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‘Robot guide dogs need human input’

by Pieter Werner

Research led by the University of Massachusetts Amherst emphasizes the importance of input from guide dog users and trainers in developing effective robotic guide dogs. This study, which received the Best Paper Award at the CHI 2024 Conference on Human Factors in Computing Systems, highlights the necessity of understanding the real-world needs of visually impaired individuals for robotic guide dogs to be practical.

Guide dogs offer autonomy and mobility, but their accessibility is limited by factors such as cost, allergies, and physical limitations. Robotic guide dogs present a potential solution, but only if designed with the right features. Donghyun Kim, assistant professor at UMass Amherst and co-author of the paper, notes that previous attempts over 40 years have failed to produce robots used by end users, highlighting the need to understand current guide dog usage and desired technological features before development.

The research involved interviews and observation sessions with 23 visually impaired guide dog handlers and five trainers, focusing on the limitations of current guide dogs and desired traits in robotic alternatives. One critical insight was the balance between robot autonomy and human control. Unlike autonomous cars, guide dogs are controlled by handlers for overall route navigation while the dogs manage local obstacle avoidance. This nuanced interaction suggests that robotic guide dogs must balance autonomy and user control to ensure safety and comfort.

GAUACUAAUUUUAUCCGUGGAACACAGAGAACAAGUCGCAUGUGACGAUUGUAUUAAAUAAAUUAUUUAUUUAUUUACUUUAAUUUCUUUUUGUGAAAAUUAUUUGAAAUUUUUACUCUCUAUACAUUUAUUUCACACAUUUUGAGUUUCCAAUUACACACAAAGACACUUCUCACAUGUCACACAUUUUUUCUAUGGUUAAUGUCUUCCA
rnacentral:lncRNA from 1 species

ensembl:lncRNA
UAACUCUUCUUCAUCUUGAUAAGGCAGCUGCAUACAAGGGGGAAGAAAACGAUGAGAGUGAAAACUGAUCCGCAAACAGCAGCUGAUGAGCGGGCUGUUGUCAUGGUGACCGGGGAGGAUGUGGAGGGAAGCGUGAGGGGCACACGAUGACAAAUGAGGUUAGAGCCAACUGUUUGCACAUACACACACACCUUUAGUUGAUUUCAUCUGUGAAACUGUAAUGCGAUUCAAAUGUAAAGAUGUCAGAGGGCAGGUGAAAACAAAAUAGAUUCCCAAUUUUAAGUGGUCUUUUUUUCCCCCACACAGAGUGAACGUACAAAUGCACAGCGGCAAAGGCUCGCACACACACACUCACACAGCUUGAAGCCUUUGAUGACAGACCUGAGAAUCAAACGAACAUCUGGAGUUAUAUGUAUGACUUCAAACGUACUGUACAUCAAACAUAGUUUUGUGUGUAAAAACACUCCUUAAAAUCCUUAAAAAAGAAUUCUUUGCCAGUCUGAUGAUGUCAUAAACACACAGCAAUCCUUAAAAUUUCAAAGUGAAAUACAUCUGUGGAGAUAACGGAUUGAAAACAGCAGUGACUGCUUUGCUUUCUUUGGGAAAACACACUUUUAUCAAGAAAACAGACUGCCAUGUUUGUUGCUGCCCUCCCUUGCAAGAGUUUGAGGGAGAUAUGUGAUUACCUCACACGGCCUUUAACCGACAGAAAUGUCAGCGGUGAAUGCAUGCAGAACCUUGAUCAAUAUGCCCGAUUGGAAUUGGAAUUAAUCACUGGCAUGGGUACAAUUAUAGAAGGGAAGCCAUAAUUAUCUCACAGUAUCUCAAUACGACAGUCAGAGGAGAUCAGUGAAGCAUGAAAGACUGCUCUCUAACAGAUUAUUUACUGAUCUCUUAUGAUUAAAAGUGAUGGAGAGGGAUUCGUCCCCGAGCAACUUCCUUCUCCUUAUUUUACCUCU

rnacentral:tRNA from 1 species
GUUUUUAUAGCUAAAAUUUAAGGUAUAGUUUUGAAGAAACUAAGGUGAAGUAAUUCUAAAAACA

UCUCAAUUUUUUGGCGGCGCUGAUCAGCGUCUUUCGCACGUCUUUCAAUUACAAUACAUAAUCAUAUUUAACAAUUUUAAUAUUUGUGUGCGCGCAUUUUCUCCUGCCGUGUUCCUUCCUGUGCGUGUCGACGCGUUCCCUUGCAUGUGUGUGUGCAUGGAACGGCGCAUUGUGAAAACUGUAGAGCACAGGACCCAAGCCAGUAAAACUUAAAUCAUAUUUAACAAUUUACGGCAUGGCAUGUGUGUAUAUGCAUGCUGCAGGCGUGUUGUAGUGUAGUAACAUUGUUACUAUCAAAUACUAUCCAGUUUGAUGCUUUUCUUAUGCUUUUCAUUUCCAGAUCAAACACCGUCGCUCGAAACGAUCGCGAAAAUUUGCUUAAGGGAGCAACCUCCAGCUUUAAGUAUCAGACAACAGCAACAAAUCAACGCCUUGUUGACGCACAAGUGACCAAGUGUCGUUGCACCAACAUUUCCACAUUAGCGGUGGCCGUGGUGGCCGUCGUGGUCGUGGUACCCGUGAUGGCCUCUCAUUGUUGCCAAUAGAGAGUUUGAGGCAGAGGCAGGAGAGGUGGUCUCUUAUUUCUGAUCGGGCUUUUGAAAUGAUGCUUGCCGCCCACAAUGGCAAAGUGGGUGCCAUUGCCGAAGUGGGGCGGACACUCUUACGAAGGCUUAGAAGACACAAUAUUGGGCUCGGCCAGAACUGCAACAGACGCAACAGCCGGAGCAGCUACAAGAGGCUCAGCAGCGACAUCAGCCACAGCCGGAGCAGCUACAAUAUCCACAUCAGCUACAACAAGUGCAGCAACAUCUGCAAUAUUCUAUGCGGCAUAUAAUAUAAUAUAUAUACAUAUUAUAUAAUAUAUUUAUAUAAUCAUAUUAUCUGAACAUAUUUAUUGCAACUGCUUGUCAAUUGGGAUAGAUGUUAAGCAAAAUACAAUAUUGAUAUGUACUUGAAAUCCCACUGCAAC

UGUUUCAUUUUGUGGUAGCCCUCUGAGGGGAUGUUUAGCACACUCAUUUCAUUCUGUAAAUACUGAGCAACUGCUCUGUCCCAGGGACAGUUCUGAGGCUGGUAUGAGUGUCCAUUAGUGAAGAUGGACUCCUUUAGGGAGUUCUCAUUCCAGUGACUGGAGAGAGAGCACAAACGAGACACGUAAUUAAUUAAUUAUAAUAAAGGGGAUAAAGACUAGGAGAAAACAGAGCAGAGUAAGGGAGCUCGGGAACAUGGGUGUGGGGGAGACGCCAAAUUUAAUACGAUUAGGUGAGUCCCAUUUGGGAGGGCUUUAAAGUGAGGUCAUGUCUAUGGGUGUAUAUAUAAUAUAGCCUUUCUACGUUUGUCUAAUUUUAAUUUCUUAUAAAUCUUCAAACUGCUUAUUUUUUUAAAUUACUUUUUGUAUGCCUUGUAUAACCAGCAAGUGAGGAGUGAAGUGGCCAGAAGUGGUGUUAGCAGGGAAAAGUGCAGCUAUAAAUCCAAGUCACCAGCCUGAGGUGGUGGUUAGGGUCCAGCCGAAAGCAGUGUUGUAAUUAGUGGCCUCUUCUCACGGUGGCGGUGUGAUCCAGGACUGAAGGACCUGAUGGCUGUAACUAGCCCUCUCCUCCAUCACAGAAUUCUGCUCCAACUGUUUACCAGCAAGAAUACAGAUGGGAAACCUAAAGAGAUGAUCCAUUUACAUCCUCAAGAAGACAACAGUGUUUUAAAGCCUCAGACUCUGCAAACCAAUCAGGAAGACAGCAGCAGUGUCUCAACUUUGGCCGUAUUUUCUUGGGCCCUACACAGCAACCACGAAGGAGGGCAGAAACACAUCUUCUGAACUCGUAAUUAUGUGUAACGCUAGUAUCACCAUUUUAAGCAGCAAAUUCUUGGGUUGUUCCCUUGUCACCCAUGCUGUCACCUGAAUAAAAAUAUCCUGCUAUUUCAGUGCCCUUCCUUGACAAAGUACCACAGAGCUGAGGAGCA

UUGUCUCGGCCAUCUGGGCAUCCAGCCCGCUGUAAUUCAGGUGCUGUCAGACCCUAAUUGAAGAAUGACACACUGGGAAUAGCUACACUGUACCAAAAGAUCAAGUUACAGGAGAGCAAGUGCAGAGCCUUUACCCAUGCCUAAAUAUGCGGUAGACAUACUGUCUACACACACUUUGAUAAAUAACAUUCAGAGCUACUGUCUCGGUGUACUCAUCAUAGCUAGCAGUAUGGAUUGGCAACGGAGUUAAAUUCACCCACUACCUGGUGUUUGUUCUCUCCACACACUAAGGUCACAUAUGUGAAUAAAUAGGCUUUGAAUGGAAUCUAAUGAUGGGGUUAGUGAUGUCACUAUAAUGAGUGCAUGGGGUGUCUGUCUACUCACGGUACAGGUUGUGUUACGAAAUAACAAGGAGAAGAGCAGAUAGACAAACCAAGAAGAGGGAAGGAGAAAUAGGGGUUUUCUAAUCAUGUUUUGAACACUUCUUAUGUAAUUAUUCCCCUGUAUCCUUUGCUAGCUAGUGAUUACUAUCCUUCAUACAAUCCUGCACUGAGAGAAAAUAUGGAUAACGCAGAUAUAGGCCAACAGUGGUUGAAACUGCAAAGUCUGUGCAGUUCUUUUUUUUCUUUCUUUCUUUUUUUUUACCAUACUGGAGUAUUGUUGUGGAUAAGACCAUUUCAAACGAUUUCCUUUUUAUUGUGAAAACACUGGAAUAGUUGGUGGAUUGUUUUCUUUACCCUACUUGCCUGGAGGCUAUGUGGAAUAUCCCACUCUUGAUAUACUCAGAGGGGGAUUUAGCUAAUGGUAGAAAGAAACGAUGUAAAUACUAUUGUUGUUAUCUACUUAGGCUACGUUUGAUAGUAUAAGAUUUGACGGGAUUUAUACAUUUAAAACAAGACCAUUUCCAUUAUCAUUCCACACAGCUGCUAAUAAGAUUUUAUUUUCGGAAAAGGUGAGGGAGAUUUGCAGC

The study revealed practical design considerations, such as the necessity of a two-hour battery life to support typical commuting durations, as 90% of participants emphasized this feature. Other suggested improvements include adding more camera orientations to detect overhead obstacles, incorporating audio sensors for hazards, and enabling navigation cues like following a sidewalk.

The research team, including Ivan Lee from UMass Amherst, Joydeep Biswas from the University of Texas Austin, Hee Tae Jung from Indiana University, and Nicholas Giudice from the University of Maine, hopes this paper will guide future development of robotic guide dogs. Winning the Best Paper Award underscores the research community’s recognition of this approach.

Kim stresses the importance of keeping the human element in mind in robotics. “My Ph.D. and postdoctoral research is all about how to make these robots work better,” he says, emphasizing the goal of creating practical and meaningful applications for humanity.

Photo: Donghuyn Kim, Ivan Lee, Dog Handler and Hochul Hwang, credit Zinj Guo

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